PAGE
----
Pre-Licensing Proctor Information


The Texas Real Estate Commission (TREC) requires the final course exam for all of the 30 hour Pre-Licensing courses to be a proctored exam . Students select and arrange for their proctor for the Pre-Licensing courses.

        


Selecting a Proctor

  1. Students will select a proctor. Qualified proctors are disinterested parties. A disinterested party is a person that would not be likely to assist the student.

  2. Good examples of disinterested parties are school librarian, teachers, clergy or a local testing center.

  3. Poor examples of disinterested parties are relatives, friends and co-workers.

Proctor Method

  1. After the course has been completed, the Proctored Exam icon will become accessible on the student dashboard.

  2. When ready to begin the exam, click on the Proctored Exam icon and a form will pop up. Both the proctor and student must read and complete the form.

  3. After submitting the form, the exam will become accessible. Be prepared to begin the exam without distractions.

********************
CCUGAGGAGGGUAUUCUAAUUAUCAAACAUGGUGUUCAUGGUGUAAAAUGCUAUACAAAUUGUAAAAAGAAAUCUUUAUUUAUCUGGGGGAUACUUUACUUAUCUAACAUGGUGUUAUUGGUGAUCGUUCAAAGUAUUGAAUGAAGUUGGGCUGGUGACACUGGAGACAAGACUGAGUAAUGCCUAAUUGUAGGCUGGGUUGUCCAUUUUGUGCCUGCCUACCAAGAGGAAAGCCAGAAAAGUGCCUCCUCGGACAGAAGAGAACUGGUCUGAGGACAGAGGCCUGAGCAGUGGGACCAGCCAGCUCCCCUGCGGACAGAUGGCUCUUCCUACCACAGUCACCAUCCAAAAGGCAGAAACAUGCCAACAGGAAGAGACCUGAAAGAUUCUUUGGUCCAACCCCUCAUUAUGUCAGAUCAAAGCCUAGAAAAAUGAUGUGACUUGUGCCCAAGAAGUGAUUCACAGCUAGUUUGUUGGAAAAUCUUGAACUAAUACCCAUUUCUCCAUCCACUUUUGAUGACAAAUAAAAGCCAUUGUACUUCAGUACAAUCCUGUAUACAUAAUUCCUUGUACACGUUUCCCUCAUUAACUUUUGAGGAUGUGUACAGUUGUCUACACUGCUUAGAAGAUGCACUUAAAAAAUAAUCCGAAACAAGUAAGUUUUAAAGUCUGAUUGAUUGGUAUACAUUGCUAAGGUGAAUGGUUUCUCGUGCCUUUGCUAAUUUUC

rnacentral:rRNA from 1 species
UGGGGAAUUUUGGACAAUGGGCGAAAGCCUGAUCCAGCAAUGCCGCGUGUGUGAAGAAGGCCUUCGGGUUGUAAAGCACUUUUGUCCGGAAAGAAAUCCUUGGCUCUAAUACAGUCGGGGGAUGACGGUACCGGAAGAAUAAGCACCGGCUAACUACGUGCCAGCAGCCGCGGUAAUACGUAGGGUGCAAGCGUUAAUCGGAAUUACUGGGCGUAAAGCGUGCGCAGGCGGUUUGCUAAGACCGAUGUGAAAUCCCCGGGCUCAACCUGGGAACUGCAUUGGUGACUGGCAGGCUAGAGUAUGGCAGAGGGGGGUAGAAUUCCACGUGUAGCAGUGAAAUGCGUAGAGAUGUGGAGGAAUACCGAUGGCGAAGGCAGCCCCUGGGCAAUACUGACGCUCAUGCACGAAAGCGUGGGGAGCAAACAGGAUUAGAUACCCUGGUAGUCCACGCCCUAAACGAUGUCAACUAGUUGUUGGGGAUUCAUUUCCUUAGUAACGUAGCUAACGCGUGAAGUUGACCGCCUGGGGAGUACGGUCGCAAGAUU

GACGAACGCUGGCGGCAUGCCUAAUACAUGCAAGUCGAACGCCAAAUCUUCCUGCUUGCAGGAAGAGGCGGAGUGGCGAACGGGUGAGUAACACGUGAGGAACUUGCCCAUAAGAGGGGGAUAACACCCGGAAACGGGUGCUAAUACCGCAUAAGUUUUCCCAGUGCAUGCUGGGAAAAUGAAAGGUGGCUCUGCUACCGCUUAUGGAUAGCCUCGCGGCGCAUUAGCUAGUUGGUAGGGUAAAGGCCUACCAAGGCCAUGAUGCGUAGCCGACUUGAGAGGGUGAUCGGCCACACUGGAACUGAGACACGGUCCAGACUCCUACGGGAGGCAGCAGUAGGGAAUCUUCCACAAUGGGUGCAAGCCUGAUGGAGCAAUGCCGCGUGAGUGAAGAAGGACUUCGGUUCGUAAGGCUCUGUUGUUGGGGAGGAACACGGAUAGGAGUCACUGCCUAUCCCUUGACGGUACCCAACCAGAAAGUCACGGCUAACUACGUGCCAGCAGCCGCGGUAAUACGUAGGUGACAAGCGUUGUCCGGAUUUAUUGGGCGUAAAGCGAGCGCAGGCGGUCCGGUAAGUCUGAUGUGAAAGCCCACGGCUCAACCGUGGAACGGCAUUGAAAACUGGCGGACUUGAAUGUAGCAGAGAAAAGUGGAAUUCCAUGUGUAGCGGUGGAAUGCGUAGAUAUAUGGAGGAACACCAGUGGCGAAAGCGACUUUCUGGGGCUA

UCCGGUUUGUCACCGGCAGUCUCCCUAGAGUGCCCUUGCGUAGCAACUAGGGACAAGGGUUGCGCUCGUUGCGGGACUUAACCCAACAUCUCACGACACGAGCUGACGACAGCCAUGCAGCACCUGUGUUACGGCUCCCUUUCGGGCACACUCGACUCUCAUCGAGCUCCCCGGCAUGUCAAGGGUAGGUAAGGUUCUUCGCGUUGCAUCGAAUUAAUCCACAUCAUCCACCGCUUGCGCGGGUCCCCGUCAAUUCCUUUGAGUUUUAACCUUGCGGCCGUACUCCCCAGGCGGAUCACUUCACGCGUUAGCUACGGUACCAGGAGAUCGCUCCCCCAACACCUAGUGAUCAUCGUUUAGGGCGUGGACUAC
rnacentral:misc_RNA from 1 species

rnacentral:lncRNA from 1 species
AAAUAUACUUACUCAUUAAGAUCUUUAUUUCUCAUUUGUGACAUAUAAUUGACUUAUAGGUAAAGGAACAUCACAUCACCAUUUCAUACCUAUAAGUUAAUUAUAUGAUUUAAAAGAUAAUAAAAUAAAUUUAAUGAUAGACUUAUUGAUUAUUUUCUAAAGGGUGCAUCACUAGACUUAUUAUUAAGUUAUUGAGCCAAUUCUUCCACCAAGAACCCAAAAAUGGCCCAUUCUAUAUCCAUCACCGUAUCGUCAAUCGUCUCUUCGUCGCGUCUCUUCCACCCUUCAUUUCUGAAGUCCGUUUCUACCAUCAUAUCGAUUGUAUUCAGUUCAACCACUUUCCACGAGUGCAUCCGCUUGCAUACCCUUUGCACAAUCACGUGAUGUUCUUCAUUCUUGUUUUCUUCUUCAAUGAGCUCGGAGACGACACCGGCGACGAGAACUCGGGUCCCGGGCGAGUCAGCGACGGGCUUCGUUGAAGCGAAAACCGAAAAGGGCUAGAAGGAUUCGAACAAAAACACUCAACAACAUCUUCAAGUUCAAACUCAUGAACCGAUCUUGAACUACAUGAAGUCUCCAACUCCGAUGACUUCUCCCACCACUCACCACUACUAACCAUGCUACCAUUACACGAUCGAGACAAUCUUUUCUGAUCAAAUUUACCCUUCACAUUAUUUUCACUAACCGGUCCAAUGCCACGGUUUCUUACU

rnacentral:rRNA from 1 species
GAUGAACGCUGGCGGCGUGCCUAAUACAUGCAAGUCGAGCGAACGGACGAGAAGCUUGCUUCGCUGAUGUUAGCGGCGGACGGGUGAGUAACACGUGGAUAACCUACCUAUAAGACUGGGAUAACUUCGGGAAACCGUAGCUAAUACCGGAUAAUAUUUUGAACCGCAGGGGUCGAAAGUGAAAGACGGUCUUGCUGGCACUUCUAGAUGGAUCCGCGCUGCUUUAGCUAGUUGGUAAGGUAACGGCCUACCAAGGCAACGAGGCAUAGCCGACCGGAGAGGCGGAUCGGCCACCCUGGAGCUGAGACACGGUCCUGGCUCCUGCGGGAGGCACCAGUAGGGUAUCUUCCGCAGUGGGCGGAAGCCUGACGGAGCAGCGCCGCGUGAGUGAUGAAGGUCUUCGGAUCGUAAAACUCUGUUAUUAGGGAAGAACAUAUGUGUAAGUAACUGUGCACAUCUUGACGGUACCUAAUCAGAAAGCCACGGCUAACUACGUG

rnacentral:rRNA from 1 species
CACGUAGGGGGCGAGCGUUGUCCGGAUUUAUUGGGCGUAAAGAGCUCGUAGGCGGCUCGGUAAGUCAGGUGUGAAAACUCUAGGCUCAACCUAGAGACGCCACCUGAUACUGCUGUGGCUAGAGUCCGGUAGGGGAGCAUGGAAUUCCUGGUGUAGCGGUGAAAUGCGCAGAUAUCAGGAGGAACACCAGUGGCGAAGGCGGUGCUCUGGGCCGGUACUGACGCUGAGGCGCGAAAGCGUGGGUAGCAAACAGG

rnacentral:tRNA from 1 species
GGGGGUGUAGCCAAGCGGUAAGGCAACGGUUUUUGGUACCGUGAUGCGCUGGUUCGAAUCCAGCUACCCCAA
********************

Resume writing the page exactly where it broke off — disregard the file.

4. By state law, the exam is multiple choice and a passing score is 70%.

  5. Upon completion of the exam, you will get your results immediately.

  6. Certificates will be emailed to students within 7 days or sooner upon request.

SAE Courses Proctor Information


The Texas Real Estate Commission (TREC) requires the final course exam for all of the 30 hour SAE courses to be a proctored exam . Students schedule their proctored exam while logged into their course.

        


Proctor Method

  1. Students login to their course at the pre-arranged time and follow the steps online.

  2. By state law, the exam is multiple choice and a passing score is 70%.

  3. Upon completion of the exam, you will get your results immediately.

  4. Certificates will be emailed to students within 7 days or sooner upon request.

The Texas Real Estate Commission rules allow students to take the course final exam two times. The second exam must be completed within 30 days of completing the course.

If the second exam is not successfully completed, Texas law requires students to re-take the course before registering to take the exam again.